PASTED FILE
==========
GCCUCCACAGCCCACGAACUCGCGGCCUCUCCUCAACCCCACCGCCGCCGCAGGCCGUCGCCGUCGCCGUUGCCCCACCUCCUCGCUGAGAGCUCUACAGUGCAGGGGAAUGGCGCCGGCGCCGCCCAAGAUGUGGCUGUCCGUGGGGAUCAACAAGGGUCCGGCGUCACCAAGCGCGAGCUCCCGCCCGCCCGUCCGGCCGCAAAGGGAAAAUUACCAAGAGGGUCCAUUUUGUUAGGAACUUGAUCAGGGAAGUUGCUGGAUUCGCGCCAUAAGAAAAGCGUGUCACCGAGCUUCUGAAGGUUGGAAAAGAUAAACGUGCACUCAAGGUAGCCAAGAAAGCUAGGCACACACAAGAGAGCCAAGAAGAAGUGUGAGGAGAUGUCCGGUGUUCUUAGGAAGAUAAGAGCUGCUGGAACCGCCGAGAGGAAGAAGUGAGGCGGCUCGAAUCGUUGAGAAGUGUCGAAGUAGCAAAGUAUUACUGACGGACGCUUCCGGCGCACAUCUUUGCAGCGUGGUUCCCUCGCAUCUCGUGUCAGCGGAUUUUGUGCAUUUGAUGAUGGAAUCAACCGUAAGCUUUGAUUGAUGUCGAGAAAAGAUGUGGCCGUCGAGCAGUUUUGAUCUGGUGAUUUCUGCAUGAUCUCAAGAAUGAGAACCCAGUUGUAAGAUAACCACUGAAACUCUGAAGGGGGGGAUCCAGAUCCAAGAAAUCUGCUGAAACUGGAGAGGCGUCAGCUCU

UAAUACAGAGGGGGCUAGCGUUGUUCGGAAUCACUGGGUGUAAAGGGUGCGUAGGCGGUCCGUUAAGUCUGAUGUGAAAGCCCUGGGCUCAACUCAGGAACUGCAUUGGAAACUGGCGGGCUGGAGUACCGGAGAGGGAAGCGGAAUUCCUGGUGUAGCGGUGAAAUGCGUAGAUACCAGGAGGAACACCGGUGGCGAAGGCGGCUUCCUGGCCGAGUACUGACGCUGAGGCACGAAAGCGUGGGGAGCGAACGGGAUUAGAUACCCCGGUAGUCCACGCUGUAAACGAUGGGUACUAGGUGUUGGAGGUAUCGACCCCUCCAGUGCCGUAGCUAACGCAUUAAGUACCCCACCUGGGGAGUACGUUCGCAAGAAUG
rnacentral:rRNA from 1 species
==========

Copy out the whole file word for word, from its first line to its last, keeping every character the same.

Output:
GCCUCCACAGCCCACGAACUCGCGGCCUCUCCUCAACCCCACCGCCGCCGCAGGCCGUCGCCGUCGCCGUUGCCCCACCUCCUCGCUGAGAGCUCUACAGUGCAGGGGAAUGGCGCCGGCGCCGCCCAAGAUGUGGCUGUCCGUGGGGAUCAACAAGGGUCCGGCGUCACCAAGCGCGAGCUCCCGCCCGCCCGUCCGGCCGCAAAGGGAAAAUUACCAAGAGGGUCCAUUUUGUUAGGAACUUGAUCAGGGAAGUUGCUGGAUUCGCGCCAUAAGAAAAGCGUGUCACCGAGCUUCUGAAGGUUGGAAAAGAUAAACGUGCACUCAAGGUAGCCAAGAAAGCUAGGCACACACAAGAGAGCCAAGAAGAAGUGUGAGGAGAUGUCCGGUGUUCUUAGGAAGAUAAGAGCUGCUGGAACCGCCGAGAGGAAGAAGUGAGGCGGCUCGAAUCGUUGAGAAGUGUCGAAGUAGCAAAGUAUUACUGACGGACGCUUCCGGCGCACAUCUUUGCAGCGUGGUUCCCUCGCAUCUCGUGUCAGCGGAUUUUGUGCAUUUGAUGAUGGAAUCAACCGUAAGCUUUGAUUGAUGUCGAGAAAAGAUGUGGCCGUCGAGCAGUUUUGAUCUGGUGAUUUCUGCAUGAUCUCAAGAAUGAGAACCCAGUUGUAAGAUAACCACUGAAACUCUGAAGGGGGGGAUCCAGAUCCAAGAAAUCUGCUGAAACUGGAGAGGCGUCAGCUCU

UAAUACAGAGGGGGCUAGCGUUGUUCGGAAUCACUGGGUGUAAAGGGUGCGUAGGCGGUCCGUUAAGUCUGAUGUGAAAGCCCUGGGCUCAACUCAGGAACUGCAUUGGAAACUGGCGGGCUGGAGUACCGGAGAGGGAAGCGGAAUUCCUGGUGUAGCGGUGAAAUGCGUAGAUACCAGGAGGAACACCGGUGGCGAAGGCGGCUUCCUGGCCGAGUACUGACGCUGAGGCACGAAAGCGUGGGGAGCGAACGGGAUUAGAUACCCCGGUAGUCCACGCUGUAAACGAUGGGUACUAGGUGUUGGAGGUAUCGACCCCUCCAGUGCCGUAGCUAACGCAUUAAGUACCCCACCUGGGGAGUACGUUCGCAAGAAUG
rnacentral:rRNA from 1 species